## Special Matrices

Symmetric and Skew MatricesA square matrix A = [a

_{ij}] is said to be symmetric when a_{ij}= a_{ij}for all i and j. If a_{ij}= -a_{ij}for all i and j and all the leading diagonal elements are zero, then the matrix is called a skew symmetric matrix.

For example:is a symmetric matrix and is a skew-symmetric matrix.

Hermitian and Skew - Hermitian MatricesA square matrix A = [a

_{ij}] is said to be Hermitian matrix if a_{ij}=_{ij}, i, j i.e. A^{θ}= -A.

For example:are Hermitian matrices.

Note:

* If A is a Hermitian matrix then a_{ii}=_{ij}is a real i. Thus every diagonal element of a Hermitian Matrix must be real.

* A Hermitian matrix over the set of real numbers is actually a real symmetric matrix.And a square matrix, A = [a

_{ij}] is said to be a skew-Hermitian if a_{ij}=

-_{ij}, i, j i.e. A^{θ}= -A.

For example:are skew-Hermitian matrices.

Note:

* If A is a skew-Hermitian matrix then a_{ii}=_{ij}=> a_{ii}+_{ii}= 0, i.e. a_{ii}must be purely imaginary or zero.

* A skew-Hermitian Matrix over the set of real numbers is actually a real skew- symmetric matrix.

Singular and Non-singular MatricesAny square matrix A is said to be non-singular if |A| ≠ 0, and a square matrix A is said to be singular if |A| = 0. Here |A| (or det(A) or simply det A) means corresponding determinants of square matrix A e.g. if

10 - 12 = -2 => A is a non-singular matrix.

Unitary MatrixA square matrix is said to be unitary if A = I. Since || = |A| and |A|=||, we have |||A| = 1.

Thus the determinant of a unitary matrix is of unit modulus. For a matrix to be unitary it must be non-singular.

Hence, A = I => A = I.

Orthogonal MatrixAny square matrix A of order n is said to be orthogonal if AA' = A'A = I

_{n}.

Idempotent MatrixA square matrix A is called idempotent provided it satisfies the relation A

^{2}= A.

For example:The matrix A = is idempotent as

A

^{2}= A.A = = A.

Involuntary MatrixA matrix such that A

^{2}= I is called involuntary matrix.

Nilpotent MatrixA square matrix A is called a nilpotent matrix if there exists a positive integer m such that A

^{m}= O. If m is the least positive integer such that A^{m}= O, then m is called the index of the nilpotent matrix A

Illustration:Suppose a, b, c are real numbers such that abc = 1. If A = is such that A'A = I, then find the value of a

^{3}+ b^{3}+ c^{3}.

Solution:

Note A' = A.Thus, I = A'A = AA = A

^{2}|A

^{2}| = |A^{2}| = |I| = 1|A| = + 1. But |A| = a

^{3}+ b^{3}+ c^{3}- 3abc.Thus, a

^{3}+ b^{3}+ c^{3}- 3abc = + 1=> a

^{3}+ b^{3}+ c^{3}= 4, 2.

Illustration:If ω ≠ 1 is a cube root of unity, then show that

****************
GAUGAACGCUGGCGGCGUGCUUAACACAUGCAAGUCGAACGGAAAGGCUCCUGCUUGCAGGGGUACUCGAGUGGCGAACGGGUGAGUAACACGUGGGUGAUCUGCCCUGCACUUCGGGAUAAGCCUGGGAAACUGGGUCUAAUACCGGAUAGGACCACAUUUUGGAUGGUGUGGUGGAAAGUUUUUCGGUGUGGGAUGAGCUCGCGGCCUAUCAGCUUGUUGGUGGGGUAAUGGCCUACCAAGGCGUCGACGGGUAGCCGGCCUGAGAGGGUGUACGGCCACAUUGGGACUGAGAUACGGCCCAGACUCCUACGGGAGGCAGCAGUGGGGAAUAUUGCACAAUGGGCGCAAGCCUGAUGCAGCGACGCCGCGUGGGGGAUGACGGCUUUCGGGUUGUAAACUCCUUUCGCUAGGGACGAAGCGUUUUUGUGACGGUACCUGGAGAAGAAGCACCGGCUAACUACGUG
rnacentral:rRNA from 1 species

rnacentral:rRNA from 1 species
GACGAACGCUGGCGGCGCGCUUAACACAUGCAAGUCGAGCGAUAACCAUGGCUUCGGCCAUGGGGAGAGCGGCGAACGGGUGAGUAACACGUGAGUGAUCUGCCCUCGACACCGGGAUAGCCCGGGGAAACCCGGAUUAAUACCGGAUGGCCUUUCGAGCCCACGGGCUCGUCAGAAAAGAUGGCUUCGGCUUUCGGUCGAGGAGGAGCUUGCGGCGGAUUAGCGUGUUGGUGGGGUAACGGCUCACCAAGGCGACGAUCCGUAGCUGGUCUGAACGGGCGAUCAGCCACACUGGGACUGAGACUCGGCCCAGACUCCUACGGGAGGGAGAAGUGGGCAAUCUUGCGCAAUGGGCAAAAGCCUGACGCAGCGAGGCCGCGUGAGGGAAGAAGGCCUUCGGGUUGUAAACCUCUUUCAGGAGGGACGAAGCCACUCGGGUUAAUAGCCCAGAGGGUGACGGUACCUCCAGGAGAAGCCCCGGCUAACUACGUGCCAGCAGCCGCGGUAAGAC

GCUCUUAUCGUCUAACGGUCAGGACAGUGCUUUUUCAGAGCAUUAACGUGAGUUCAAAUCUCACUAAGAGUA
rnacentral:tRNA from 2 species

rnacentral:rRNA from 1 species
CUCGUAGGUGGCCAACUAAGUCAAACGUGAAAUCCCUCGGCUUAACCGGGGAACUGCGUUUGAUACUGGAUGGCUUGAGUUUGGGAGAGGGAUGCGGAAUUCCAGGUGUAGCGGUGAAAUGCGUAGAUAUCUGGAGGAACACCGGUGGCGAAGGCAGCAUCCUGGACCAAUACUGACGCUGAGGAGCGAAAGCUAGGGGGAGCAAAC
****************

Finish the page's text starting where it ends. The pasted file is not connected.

A =is singular matrix.

Solution:

Hence A is singular matrix.

Illustration:Show that the matrix = is nilpotent matrix of index 3.

Solution:

=> A

^{3}= 0 i.e. A^{k}= 0. Here k = 3.Hence A is nilpotent matrix of index 3.

Adjoint of a Square MatrixLet A = [a

_{ij}] be a square matrix of order n and let C_{ij}be cofactor of a_{ij}in A. Then the transpose of the matrix of cofactors of elements of A is called the adjoint of A and is denoted by adj A.

where C

_{ij}denotes the cofactor of a_{ij}in A.

For example:A = , C_{11}= s, C_{12}= -r, C_{21}= -q, C_{22}= p=> adj A = .

Theorem:Let A be a square matrix of order n. Then A(adj A) = |A| I_{n}= (adj A)A.

Proof:Let A = [a_{ij}], and let C_{ij}be cofactor of a_{ij}in A. Then(adj A)

_{ij}= C_{ij}1 < i, j , n.Now, (A(adj A))

_{ij}= ∑^{n}_{r=1}(A)_{ir}(adj A)_{rj}= ∑^{n}_{r=1}a_{ij}C_{jr}=> A (adj A) = = |A| I

_{n}.Similarly ((adj A)A)

_{ij}= ∑^{n}_{r=1}(adj A)_{ir}(A)_{rj}= ∑^{n}_{r=1}C_{ri}a_{rj}=Hence, A(adj A) = |A| I

_{n}= (adj A)A.

Note :The adjoint of a square matrix of order 2 can be easily obtained by interchanging the diagonal elements and changing the signs of off-diagonal (left hand side lower corner to right hand side upper corner) elements.

Inverse of a MatrixA non-singular square matrix of order n is invertible if there exists a square matrix B of the same order such that AB = I

_{n}= BA.In such a case, we say that the inverse of A is B and we write, A

^{-1}= B.The inverse of A is given by A

^{-1}= 1/|A|. adj A.

Properties of Inverse of a Matrix(i) Every invertible matrix possesses a unique inverse.

(ii) (Reversal law) If A and B are invertible matrices of the same order, then AB is invertible and (AB)

^{-1}= B^{-1}A^{-1}.In general,if A,B,C,...are invertible matrices then (ABC....)

^{-1}=..... C^{-1}B^{-1}A^{-1}.(iii) If A is an invertible square matrix, then A

^{T}is also invertible and (A^{T})^{-1}= (A^{-1})^{T}.(iv) If A is a non-singular square matrix of order n, then |adj A| = |A|

^{n-1}.(v) If A and B are non-singular square matrices of the same order, then adj (AB) = (adj B) (adj A).

(vi) If A is an invertible square matrix, then adj(AT) = (adj A)T.

(vii) If A is a non-singular square matrix, then adj(adjA) = |A|

^{n-1}A.